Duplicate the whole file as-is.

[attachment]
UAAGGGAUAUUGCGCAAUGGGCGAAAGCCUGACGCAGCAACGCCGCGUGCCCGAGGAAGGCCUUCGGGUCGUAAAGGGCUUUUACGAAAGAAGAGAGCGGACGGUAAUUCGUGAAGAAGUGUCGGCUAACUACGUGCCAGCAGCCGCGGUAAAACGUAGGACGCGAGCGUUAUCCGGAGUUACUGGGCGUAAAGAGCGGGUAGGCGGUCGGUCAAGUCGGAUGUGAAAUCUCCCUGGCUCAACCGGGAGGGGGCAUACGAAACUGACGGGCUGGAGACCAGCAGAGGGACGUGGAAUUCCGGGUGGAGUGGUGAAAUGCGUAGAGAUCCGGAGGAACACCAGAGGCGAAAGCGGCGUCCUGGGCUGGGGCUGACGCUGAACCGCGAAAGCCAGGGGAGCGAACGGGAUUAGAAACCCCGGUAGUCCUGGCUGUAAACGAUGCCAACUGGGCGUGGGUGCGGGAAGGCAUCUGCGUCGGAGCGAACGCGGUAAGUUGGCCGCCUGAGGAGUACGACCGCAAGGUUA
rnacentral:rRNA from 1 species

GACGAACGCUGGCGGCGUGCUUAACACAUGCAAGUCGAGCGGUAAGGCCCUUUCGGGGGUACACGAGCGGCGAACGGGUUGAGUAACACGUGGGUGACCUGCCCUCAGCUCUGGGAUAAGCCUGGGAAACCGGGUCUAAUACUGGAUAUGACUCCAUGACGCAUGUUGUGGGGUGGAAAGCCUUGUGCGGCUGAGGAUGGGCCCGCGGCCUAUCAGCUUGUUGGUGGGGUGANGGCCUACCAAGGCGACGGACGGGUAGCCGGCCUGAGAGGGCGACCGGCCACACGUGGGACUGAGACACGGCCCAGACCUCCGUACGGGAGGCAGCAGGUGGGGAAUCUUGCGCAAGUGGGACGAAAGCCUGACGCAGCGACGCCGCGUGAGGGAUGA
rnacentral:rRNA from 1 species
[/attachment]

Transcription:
UAAGGGAUAUUGCGCAAUGGGCGAAAGCCUGACGCAGCAACGCCGCGUGCCCGAGGAAGGCCUUCGGGUCGUAAAGGGCUUUUACGAAAGAAGAGAGCGGACGGUAAUUCGUGAAGAAGUGUCGGCUAACUACGUGCCAGCAGCCGCGGUAAAACGUAGGACGCGAGCGUUAUCCGGAGUUACUGGGCGUAAAGAGCGGGUAGGCGGUCGGUCAAGUCGGAUGUGAAAUCUCCCUGGCUCAACCGGGAGGGGGCAUACGAAACUGACGGGCUGGAGACCAGCAGAGGGACGUGGAAUUCCGGGUGGAGUGGUGAAAUGCGUAGAGAUCCGGAGGAACACCAGAGGCGAAAGCGGCGUCCUGGGCUGGGGCUGACGCUGAACCGCGAAAGCCAGGGGAGCGAACGGGAUUAGAAACCCCGGUAGUCCUGGCUGUAAACGAUGCCAACUGGGCGUGGGUGCGGGAAGGCAUCUGCGUCGGAGCGAACGCGGUAAGUUGGCCGCCUGAGGAGUACGACCGCAAGGUUA
rnacentral:rRNA from 1 species

GACGAACGCUGGCGGCGUGCUUAACACAUGCAAGUCGAGCGGUAAGGCCCUUUCGGGGGUACACGAGCGGCGAACGGGUUGAGUAACACGUGGGUGACCUGCCCUCAGCUCUGGGAUAAGCCUGGGAAACCGGGUCUAAUACUGGAUAUGACUCCAUGACGCAUGUUGUGGGGUGGAAAGCCUUGUGCGGCUGAGGAUGGGCCCGCGGCCUAUCAGCUUGUUGGUGGGGUGANGGCCUACCAAGGCGACGGACGGGUAGCCGGCCUGAGAGGGCGACCGGCCACACGUGGGACUGAGACACGGCCCAGACCUCCGUACGGGAGGCAGCAGGUGGGGAAUCUUGCGCAAGUGGGACGAAAGCCUGACGCAGCGACGCCGCGUGAGGGAUGA
rnacentral:rRNA from 1 species